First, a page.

Guimaras is widely known with their mangos and literally, mango farms are everywhere! Unfortunately, we visited the island out of mango season. So if you want to witness the golden fields of the sweetest mangoes in the world, they say, the best time to visit is during summer.
I didn’t research about this trip, but luckily, I learned that Guimaras offers more than mangoes and beaches. In fact, people suggest that it’s an all-in island, as it could give you beyond what is expected from it’s humble name.
|◘◘◘ ABOUT THIS PLACE|
According to a website, there are many theories and stories behind the name Guimaras. But except from wordplays, what I caught my interest most was the story about a Princess and a slave. Kinda cliche, but whatever. Here goes: Ilonggo folklore reveals that Guimaras, formerly known as Himal-us was named after the ill-fated romance of Princess Guima and slave Aras, who betrayed the tradition tribe to enkindle their forbidden love. They were able to ride a small raft and escape Aras’ arranged marriage by her father to another nobleson. Unfortunately, they disappeared in the raging seas, never found again, and from then on, people seemed to hear the repentant father’s calling of the lover’s names “Guim-Aras” echoed in the wind during stormy seas, thus, the name Guimaras.
|◘◘◘ PRE-TRAVEL GUIDE|
How to get there?
There are no direct flights to Guimaras. From Manila, take a flight to Iloilo via Airasia, Philippine Airlines, or Cebu Pacific. In my case, we took and availed a seat sale from Airasia. Then from Iloilo, take a jeepney or taxi going to Iloilo City harbor (Ortiz Wharf), and then take a 15-minute boat ride going to Jordan Wharf, Guimaras – the main port of entry in Guimaras. They have a trip and can accommodate you every 30 mins, daily.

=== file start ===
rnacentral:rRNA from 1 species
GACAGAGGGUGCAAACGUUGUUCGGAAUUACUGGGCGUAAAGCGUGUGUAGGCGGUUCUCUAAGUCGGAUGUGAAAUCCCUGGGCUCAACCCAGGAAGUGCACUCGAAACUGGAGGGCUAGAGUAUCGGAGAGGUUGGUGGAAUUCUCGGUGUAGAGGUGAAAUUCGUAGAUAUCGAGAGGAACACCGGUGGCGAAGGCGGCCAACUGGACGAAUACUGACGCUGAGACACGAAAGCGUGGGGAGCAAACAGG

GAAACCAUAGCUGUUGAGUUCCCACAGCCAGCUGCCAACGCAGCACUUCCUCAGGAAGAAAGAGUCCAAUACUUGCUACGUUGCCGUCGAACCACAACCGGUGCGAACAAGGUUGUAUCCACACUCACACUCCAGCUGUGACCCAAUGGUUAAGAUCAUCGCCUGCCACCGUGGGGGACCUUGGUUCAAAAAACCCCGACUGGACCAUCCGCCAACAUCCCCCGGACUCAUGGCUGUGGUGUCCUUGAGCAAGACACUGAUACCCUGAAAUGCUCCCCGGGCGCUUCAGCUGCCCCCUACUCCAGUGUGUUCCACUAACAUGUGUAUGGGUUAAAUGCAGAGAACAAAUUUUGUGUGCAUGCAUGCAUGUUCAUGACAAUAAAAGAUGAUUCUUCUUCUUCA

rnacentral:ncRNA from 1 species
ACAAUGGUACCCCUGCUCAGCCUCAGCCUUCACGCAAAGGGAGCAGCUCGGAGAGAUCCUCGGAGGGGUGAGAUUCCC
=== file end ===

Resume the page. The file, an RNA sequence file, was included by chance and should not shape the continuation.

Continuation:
Going around the island is a bit difficult, as many tourists and locals hire tricycles for private trips. However, you can request for one via the tourist guide table right at the Jordan Wharf.
When is the best time to visit?
If you’d like to experience the golden views of ripe mangoes, it’s best to visit the island within April to June. But the rest of the year is safe and good, though.
|◘◘◘ SAMPLE ITINERARY|
Getting around the island is no joke. There are too many spots to visit, and are far from each other. So unless you want to wait for an available tricycle every time you finish taking pictures, you don’t have other choice but to rent a bike or hire a tricycle and a driver.
We’re lucky to have a driver that also has a talent in photography. I understand they are tourist guides as well, so they’re already trained an practiced, but some of the “kuyas” I meet during my travels didn’t have such skills. So yep, I’d recommend Manong Saoro. His contact details were mentioned above.
Click the bullet items for descriptions and photos.
The Smallest Plaza in Ph
Our first stop was this plaza they claim the “smallest” in PH. It once held the title in Guinness Book of World Records, but surpassed by another country in I don’t know what year. But hey, it’s still the smallest plaza here in the Philippines.
I ❤ Guimaras
Before heading back for lunch, we had enough time to take photos in this park (OMG I forgot to ask the name of this place) where stands the GUIMARAS letterings every tourist is looking for. I mean, it’s like a must-have photo or else people won’t believe you’re actually there.
Another famous spots in Guimaras, of course, are the mango plantations. Yep, there are more than one mango farm in the island – that I haven’t ask Manong about the exact number, but I know there’s at least two. Or three. Correct me here, guys!
Since we were there off season, we didn’t witness the golden farm of mangoes. But we were able to visit one farm, roam around, and take pictures for free! But really, I am sooooo full of regret I didn’t research first about when was the best time to go to Guimaras.
And of course, and I’m not sure why, I usually don’t go back home with no “pasalubong”. The Trappist Monastery is one of (if not the only) place to shop for goodies that are best to bring for our friends and families. As expected, almost every food there are made of mangoes. Trappist Monastery is actually the only Trappist monastery in the Philippines. If you are not familiar with the word “Trappist” but are a Google nerd but too lazy to open a new tab and search, here goes the meaning: relating to a branch of the Cistercian order of monks founded in 1664 and noted for an austere rule that includes remaining silent for much of the time.